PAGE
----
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this is my function;

function ButtonClickAction3 (zEvent) {  

    var var4 = prompt ("text");
    var var1 = prompt ("text")
    var var2 = prompt ("text");
    var var3 = prompt ("text");

    win1 = window.open("MYURL1,"", "win1", "width=100,height=100,resizable");
    setTimeout("win1.close()",500);
    win2 = window.open("MYURL2,"", "win2", "width=100,height=100,resizable");
    setTimeout("win2.close()",500);
    win3 = window.open("MYURL3,"", "win3", "width=100,height=100,resizable");
    setTimeout("win3.close()",500);

}

When I use this code with greasemonkey;

win1 = window.open("MYURL,"", "win1", "width=100,height=100,resizable");

after window1 opened "win1.close()" command not work for it. İt says "win1 is not defined".

But when I open a window with this code from console;

win1 = window.open("MYURL1,"", "win1", "width=100,height=100,resizable");

win1 became defined, and I can close it with win1.close()

How can I use that with greasemonkey?

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2 Answers 2

up vote 3 down vote accepted

First, you need to give your win1 variable scope with the var keyword. Second, it is a good practice to pass in your functions as functions and not strings to be eval()'d

Try this:

var var4 = prompt ("text");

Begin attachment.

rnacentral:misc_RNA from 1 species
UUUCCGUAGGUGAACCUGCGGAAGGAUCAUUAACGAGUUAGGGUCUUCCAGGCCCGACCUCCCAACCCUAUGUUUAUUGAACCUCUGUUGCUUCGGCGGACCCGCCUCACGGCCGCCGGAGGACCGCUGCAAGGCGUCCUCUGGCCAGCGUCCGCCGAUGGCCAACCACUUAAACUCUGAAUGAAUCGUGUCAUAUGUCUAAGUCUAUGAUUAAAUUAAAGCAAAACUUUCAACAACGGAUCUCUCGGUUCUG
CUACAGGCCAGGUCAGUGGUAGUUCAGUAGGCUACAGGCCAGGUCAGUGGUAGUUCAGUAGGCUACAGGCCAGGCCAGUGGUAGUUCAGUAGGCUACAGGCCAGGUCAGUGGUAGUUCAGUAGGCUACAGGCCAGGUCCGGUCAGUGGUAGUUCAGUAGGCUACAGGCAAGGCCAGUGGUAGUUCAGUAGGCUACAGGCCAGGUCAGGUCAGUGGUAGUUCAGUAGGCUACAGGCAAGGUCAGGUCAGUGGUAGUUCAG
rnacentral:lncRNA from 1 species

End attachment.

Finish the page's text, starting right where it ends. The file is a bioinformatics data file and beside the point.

var var1 = prompt ("text");
var var2 = prompt ("text");
var var3 = prompt ("text");

var win1 = window.open("MYURL1", "win1", "width=100,height=100,resizable");
setTimeout(function(){win1.close();},500);

var win2 = window.open("MYURL2", "win2", "width=100,height=100,resizable");
setTimeout(function(){win2.close();},500);

var win3 = window.open("MYURL3", "win3", "width=100,height=100,resizable");
setTimeout(function(){win3.close();},500);
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"it is a good practice to pass in your functions as functions and not strings" -- Actually, that is a requirement for Greasemonkey scripts, due to the sandbox security. –  Brock Adams Jul 10 '11 at 8:43

I would just go with such syntax to be on the safe path always:

window["win1"] = window.open(...);

Then to close it:

if (window["win1"])
    window["win1"].close();

By assigning the variable to the window you force it to have global scope.

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